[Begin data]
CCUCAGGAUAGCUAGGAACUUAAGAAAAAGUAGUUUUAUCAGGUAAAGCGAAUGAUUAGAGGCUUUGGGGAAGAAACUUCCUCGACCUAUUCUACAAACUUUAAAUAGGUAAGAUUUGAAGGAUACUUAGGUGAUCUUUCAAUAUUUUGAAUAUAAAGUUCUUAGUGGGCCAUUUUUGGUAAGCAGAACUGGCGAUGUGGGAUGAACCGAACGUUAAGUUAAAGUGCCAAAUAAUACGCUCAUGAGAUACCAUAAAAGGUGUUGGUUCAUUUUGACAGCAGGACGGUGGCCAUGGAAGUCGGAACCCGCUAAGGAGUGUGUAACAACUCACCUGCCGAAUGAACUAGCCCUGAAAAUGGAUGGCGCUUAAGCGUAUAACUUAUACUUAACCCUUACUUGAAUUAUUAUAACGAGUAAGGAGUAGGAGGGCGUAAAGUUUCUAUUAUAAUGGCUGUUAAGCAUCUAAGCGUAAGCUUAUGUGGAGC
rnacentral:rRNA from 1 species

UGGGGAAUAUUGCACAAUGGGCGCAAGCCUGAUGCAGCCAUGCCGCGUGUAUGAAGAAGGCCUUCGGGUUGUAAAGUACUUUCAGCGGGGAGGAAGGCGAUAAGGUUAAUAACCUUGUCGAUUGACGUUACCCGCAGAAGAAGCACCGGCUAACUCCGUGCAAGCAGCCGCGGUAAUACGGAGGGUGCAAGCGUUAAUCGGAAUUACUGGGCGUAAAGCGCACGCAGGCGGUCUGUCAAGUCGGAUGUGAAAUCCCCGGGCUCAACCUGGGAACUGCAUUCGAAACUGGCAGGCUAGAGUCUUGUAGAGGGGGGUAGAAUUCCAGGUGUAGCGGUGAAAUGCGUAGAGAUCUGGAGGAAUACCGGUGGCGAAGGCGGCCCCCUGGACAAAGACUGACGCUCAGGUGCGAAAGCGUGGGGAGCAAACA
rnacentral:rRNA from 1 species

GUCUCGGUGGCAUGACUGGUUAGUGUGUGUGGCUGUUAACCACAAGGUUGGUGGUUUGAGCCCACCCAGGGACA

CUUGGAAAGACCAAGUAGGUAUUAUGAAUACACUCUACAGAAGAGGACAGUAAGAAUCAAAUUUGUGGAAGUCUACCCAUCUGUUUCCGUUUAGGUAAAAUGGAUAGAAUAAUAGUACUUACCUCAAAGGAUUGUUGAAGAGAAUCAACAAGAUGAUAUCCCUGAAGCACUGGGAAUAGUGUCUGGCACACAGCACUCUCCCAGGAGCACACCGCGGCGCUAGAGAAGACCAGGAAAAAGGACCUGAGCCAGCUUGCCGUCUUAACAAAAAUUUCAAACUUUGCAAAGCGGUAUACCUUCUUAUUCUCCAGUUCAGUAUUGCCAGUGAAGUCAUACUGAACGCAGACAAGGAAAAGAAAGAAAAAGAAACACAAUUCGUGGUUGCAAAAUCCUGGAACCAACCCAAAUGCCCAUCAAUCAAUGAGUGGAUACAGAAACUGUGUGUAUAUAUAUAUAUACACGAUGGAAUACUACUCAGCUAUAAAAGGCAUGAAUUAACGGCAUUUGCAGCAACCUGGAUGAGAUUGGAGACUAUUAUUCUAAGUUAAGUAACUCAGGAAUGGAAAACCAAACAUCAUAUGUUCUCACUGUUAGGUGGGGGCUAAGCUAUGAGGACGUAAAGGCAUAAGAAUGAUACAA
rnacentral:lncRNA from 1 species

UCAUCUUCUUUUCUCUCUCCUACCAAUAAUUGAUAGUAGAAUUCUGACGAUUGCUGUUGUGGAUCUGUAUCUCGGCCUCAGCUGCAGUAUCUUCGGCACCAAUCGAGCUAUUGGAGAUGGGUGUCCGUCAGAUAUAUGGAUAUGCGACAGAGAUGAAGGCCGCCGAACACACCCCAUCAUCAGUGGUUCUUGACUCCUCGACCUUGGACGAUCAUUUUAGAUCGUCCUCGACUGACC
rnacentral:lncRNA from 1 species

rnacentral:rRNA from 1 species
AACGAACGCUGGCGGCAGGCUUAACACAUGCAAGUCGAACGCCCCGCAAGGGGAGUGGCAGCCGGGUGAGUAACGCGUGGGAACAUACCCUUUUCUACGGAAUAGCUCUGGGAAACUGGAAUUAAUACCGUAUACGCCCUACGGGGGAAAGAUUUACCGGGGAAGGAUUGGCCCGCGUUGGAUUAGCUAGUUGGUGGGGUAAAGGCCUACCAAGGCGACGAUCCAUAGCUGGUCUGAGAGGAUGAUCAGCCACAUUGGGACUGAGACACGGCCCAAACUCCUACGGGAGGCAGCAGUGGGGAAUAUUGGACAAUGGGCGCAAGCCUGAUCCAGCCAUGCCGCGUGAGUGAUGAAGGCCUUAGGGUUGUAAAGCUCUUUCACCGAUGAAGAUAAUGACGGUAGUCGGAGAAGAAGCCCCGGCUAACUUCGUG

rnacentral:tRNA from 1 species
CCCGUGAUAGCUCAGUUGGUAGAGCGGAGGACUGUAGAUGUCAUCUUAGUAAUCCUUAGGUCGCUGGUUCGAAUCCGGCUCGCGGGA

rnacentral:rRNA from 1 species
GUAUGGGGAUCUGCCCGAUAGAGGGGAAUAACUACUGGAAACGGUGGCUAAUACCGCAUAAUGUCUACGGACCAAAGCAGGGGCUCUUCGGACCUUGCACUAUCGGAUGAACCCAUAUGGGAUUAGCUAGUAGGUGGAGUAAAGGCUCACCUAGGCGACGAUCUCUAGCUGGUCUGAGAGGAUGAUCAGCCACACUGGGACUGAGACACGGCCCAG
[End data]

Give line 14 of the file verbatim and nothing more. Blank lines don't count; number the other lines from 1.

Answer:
rnacentral:rRNA from 1 species